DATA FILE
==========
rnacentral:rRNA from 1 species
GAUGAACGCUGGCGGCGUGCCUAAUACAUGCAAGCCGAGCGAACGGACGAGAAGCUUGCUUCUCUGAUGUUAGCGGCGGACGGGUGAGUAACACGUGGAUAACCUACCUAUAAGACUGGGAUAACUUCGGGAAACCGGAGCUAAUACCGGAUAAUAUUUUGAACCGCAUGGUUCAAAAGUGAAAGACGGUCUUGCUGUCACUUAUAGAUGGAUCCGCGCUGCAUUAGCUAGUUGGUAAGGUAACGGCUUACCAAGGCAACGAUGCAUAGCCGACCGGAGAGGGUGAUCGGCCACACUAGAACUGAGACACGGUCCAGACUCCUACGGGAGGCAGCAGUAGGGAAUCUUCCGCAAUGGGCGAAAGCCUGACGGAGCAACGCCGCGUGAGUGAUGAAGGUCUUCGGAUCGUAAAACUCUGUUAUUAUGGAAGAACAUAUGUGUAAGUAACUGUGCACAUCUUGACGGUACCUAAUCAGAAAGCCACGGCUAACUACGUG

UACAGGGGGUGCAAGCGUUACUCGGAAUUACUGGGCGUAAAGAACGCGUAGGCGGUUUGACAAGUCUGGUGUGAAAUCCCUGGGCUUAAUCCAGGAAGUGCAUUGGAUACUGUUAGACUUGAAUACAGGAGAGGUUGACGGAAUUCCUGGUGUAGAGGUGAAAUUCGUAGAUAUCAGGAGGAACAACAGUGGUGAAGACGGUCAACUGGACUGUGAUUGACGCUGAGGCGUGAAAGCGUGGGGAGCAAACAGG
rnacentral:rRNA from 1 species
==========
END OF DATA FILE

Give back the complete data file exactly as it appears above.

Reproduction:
rnacentral:rRNA from 1 species
GAUGAACGCUGGCGGCGUGCCUAAUACAUGCAAGCCGAGCGAACGGACGAGAAGCUUGCUUCUCUGAUGUUAGCGGCGGACGGGUGAGUAACACGUGGAUAACCUACCUAUAAGACUGGGAUAACUUCGGGAAACCGGAGCUAAUACCGGAUAAUAUUUUGAACCGCAUGGUUCAAAAGUGAAAGACGGUCUUGCUGUCACUUAUAGAUGGAUCCGCGCUGCAUUAGCUAGUUGGUAAGGUAACGGCUUACCAAGGCAACGAUGCAUAGCCGACCGGAGAGGGUGAUCGGCCACACUAGAACUGAGACACGGUCCAGACUCCUACGGGAGGCAGCAGUAGGGAAUCUUCCGCAAUGGGCGAAAGCCUGACGGAGCAACGCCGCGUGAGUGAUGAAGGUCUUCGGAUCGUAAAACUCUGUUAUUAUGGAAGAACAUAUGUGUAAGUAACUGUGCACAUCUUGACGGUACCUAAUCAGAAAGCCACGGCUAACUACGUG

UACAGGGGGUGCAAGCGUUACUCGGAAUUACUGGGCGUAAAGAACGCGUAGGCGGUUUGACAAGUCUGGUGUGAAAUCCCUGGGCUUAAUCCAGGAAGUGCAUUGGAUACUGUUAGACUUGAAUACAGGAGAGGUUGACGGAAUUCCUGGUGUAGAGGUGAAAUUCGUAGAUAUCAGGAGGAACAACAGUGGUGAAGACGGUCAACUGGACUGUGAUUGACGCUGAGGCGUGAAAGCGUGGGGAGCAAACAGG
rnacentral:rRNA from 1 species